Another point about the DVD is that the crowd are rather a subdued lot. Their preferred colour is black and mostly guys are present with a smattering of females. The crowd stand still, not much bouncing and moshing as they are there to listen I guess, not have a full body thrash work out. They are definitely into the music and enjoying it, but it is not a mosh session, which shows how different Opeth are in comparison to death metal bands that incite a virtual riot when playing live. The crowd are head banging and raising the horns as you expect. You can hear then yell out stuff during the pauses between tracks, at times quite amusing too.

Yet another point to make about this live DVD is it really is a no frills concert, a bit of smoke and some cool lighting, occasional strobes and an ominous glowing logo with the large screen showing pictures of forests and water, and album covers, to generate a part of the atmosphere, with nice swirling lights cascading across the transfixed crowd. The band pretty much stand in the one place and thrash one track after another, and head bang during the instrumentals. They don't speak much at all at first. At one point Akerfeldt pretends he is going to say something and then stops and just plays; quite a humorous touch. At the end of 'April Ethereal', Akerfeldt begins to open up, he does mention that the band have gone through changes; "a few people have been (pause) fired (laughter) and we have a new lineup". He then intros the guys that are new to rapturous applause. Then he mentions how he used to write when he was too poor to afford a demo and recording equipment. He just wrote things like the Morbid Angel riff 4 times, freaked out bridge and the Bathory section. Ironically I referenced those two bands on my review for Still Life ("The growling reminded me of the black metal I used to listen to with the likes of Bathory or Morbid Angel.") so I wasn't far off the mark as Opeth definitely are influenced by this extreme metal sound. Akerfeldt mentions that Still Life is their most complicated album and then proceeds to play the awesome 'The Moor' from this.

From the beautiful acoustic guitar, it leads to the familiar distorted riffs that blast in without remorse. Akerfeldt's growls are brutal and soul chilling. There is a clean vocal chorus and it is so refreshing. I longed for more of this. At 6 minutes in the riffing stops and we have an acoustic interlude, a moment of respite. The Damnation style clean vocals chime in and they are so good, like a different band. I was drawn into the music at this point. At the end of 'The Moor' Akerfeldt asks "was it good?" which is funny as obviously the response would be a massive roar. He tells the tale of how Steven Wilson emailed him once. The crowd roars at hearing that name mentioned in their presence. He goes onto say that "we hooked up, had dinner, kissed, and I asked him to produce the next record which was gonna be Blackwater Park." But Steve was also involved in Deliverance "making it more sick and evil and twisted" he continues, and he says they should play something nice as they are in such a nice environment "but we want to be bad." I kind of like these moments as it shows the humour of the band and their personalities come through.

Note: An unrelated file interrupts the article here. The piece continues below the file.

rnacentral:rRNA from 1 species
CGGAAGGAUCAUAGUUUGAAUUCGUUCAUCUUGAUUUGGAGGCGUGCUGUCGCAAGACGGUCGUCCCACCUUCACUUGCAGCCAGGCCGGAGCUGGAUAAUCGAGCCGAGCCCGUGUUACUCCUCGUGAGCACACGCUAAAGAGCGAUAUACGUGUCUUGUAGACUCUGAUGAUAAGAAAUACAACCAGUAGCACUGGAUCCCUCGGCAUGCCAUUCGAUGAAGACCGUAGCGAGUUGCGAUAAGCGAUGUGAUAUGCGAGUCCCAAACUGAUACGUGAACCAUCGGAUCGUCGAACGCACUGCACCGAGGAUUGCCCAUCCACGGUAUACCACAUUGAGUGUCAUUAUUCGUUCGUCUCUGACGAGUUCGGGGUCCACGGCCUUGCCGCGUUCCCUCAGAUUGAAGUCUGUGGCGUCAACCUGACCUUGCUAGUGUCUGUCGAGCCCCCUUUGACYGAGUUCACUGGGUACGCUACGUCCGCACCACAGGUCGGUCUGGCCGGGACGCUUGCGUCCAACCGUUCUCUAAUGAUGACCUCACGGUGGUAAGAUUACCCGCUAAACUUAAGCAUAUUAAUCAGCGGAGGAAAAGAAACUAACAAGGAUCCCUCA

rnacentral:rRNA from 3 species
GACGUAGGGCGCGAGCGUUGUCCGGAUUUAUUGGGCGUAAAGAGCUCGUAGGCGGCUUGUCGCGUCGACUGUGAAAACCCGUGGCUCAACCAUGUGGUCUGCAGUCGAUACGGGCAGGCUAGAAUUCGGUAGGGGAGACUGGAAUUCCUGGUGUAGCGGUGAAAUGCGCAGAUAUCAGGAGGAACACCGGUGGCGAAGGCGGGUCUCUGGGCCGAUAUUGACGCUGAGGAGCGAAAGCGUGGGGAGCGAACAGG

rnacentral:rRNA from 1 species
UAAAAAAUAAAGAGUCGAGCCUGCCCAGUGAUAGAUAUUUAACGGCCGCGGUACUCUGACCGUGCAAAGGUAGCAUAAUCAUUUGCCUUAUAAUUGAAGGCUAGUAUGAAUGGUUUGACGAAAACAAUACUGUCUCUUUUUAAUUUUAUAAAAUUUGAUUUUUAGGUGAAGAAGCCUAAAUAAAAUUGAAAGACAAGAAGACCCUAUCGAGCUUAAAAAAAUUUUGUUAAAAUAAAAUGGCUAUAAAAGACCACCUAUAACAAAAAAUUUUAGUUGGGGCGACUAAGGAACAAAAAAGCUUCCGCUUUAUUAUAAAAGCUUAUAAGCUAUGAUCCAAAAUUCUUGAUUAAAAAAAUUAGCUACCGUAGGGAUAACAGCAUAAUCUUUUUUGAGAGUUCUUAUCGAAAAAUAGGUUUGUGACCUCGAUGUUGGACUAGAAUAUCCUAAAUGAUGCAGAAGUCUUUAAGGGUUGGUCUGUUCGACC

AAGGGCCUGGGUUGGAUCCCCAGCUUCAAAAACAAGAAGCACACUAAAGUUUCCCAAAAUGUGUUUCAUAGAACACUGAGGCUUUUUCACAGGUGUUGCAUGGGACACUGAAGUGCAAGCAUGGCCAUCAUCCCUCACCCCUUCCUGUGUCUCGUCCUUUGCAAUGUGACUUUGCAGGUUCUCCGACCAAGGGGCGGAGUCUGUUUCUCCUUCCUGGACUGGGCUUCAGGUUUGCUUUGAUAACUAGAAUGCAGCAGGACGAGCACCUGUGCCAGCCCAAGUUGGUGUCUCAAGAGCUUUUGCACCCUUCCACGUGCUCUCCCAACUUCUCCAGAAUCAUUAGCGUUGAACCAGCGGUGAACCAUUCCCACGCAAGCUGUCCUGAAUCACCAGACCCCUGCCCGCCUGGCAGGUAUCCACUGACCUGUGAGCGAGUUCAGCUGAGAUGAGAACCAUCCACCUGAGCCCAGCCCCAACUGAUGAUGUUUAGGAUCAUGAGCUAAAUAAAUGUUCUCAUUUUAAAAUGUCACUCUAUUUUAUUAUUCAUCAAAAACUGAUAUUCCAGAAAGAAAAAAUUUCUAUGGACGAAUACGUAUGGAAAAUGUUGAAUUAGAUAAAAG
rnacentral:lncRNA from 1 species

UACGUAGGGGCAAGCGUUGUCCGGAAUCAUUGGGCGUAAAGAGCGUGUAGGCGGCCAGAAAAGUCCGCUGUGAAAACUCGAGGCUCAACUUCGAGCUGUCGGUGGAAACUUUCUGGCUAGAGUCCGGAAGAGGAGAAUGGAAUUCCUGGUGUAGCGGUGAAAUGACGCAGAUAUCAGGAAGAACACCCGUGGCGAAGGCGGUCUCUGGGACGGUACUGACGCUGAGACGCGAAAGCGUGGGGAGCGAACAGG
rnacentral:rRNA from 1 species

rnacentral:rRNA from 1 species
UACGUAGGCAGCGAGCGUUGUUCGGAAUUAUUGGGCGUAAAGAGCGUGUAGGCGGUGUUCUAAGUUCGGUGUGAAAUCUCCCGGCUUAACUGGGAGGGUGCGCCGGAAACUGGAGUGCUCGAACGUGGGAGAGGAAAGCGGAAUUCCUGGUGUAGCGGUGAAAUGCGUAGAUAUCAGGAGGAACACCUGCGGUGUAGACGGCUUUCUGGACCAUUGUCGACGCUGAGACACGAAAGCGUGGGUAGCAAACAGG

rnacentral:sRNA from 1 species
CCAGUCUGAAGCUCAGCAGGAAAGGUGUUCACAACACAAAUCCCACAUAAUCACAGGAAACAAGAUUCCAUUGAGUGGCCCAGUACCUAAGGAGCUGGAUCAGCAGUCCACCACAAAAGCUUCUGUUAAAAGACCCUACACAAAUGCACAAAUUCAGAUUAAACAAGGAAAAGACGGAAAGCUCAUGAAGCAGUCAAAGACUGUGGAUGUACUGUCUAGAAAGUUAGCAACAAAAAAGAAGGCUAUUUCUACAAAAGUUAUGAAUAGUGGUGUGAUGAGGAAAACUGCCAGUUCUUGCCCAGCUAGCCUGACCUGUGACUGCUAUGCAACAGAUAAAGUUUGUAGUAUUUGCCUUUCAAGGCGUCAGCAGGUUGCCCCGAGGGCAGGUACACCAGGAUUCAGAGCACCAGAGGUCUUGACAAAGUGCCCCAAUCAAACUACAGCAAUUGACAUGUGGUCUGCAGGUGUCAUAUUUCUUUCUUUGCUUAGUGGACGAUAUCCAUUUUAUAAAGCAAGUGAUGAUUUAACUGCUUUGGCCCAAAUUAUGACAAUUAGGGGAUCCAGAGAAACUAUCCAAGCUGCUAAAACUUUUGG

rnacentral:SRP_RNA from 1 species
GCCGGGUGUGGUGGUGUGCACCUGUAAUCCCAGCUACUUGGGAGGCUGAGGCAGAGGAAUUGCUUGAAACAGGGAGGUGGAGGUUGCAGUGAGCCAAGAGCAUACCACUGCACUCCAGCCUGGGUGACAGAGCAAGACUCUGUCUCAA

Another point about this section of the concert during 'The Wreath', is that Akerfeldt snaps a string and does a very fast guitar switch. His hand signal to the roadie is interesting as he just stops playing but keeps growling away. The roadie just hands him a new guitar and plugs it in as Akerfeldt screams "cover me with sweat" and he just hooks it over his shoulder and starts playing it as if nothing happened. Well worth checking that out. Axe's drumming should be commended too as it is fantastic, though many might miss the style of Lopez of course. I liked his cymbals with holes in them. 'The Wreath' is a thrashy fast thing that has the cookie monster vocals, (I know, I stole that phrase from a reviewer here but that's what it is) and I prefer Oscar the Grouch vocals myself. 'The Wreath' comes from my least favourite Opeth album but was tolerable due to the amazing chord changes and structure.